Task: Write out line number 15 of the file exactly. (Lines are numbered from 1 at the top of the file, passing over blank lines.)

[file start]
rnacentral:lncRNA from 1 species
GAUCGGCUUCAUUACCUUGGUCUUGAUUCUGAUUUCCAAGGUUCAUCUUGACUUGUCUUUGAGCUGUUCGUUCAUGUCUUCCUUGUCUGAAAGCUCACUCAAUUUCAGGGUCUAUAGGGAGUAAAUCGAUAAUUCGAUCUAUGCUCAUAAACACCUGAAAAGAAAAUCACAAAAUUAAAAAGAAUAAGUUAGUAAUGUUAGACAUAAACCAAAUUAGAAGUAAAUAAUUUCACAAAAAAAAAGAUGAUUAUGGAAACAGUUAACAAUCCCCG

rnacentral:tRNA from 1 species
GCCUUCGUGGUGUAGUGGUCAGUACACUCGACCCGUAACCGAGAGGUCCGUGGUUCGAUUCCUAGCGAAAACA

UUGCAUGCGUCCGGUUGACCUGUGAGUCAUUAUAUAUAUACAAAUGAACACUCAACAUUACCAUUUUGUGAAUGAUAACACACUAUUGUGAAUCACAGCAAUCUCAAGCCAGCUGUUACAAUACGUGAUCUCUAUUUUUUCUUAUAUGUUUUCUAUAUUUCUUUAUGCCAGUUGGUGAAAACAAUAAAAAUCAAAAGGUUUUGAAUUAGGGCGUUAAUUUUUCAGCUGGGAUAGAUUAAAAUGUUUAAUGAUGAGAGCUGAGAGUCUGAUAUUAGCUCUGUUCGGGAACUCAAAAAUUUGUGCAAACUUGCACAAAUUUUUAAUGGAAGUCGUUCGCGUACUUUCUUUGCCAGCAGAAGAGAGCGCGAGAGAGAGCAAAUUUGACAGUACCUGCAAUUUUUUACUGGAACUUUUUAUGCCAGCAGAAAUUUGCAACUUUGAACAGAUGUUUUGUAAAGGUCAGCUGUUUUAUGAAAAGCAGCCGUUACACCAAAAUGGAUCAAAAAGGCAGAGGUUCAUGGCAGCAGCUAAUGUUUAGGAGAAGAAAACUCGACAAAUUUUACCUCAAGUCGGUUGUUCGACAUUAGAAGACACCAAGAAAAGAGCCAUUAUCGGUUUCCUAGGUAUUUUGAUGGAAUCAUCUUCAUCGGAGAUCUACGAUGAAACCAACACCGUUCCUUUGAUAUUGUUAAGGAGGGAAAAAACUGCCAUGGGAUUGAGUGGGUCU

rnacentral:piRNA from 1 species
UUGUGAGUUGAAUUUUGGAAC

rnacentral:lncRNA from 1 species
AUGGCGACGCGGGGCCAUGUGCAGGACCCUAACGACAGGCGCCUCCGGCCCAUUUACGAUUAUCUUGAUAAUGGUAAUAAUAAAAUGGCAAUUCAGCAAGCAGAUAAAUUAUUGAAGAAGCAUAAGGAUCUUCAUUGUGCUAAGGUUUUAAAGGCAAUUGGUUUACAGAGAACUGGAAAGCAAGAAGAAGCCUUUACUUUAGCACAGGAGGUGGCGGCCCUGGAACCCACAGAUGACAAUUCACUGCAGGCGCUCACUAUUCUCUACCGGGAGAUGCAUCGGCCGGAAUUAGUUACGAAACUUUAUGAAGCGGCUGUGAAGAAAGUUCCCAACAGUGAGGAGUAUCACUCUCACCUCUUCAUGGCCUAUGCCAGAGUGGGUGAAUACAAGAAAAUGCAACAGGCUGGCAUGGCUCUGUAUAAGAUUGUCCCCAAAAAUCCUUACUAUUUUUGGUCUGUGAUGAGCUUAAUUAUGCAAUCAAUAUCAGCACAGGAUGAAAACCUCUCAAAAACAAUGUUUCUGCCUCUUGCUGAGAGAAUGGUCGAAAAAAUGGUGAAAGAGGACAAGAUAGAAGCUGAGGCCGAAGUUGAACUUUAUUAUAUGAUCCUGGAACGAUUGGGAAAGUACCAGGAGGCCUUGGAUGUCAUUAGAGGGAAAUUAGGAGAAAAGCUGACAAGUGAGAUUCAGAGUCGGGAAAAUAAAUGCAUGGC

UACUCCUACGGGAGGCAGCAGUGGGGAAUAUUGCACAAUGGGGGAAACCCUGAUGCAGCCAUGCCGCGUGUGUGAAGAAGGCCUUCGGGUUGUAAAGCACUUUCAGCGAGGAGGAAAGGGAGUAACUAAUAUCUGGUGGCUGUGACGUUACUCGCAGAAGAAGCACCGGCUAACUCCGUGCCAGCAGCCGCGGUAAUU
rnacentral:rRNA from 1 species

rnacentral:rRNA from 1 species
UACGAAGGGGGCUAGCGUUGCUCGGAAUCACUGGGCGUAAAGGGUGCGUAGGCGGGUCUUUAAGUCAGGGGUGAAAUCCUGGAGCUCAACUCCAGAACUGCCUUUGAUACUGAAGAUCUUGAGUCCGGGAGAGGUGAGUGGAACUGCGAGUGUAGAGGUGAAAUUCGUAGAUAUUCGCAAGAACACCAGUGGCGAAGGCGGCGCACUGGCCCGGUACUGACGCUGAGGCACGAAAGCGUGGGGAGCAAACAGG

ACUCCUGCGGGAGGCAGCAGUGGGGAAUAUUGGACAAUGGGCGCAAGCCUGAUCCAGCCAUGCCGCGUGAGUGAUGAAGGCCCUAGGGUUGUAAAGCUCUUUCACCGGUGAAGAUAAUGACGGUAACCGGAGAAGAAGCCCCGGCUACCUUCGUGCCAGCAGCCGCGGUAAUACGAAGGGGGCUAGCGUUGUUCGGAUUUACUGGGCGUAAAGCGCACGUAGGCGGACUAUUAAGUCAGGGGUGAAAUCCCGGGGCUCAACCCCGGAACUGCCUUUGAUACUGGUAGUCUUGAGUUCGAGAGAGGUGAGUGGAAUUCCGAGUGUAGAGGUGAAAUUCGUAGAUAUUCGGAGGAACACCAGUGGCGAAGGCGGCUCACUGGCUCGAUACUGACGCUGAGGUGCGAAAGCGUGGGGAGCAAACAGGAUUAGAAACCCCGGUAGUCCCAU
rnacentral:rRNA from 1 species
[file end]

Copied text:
rnacentral:rRNA from 1 species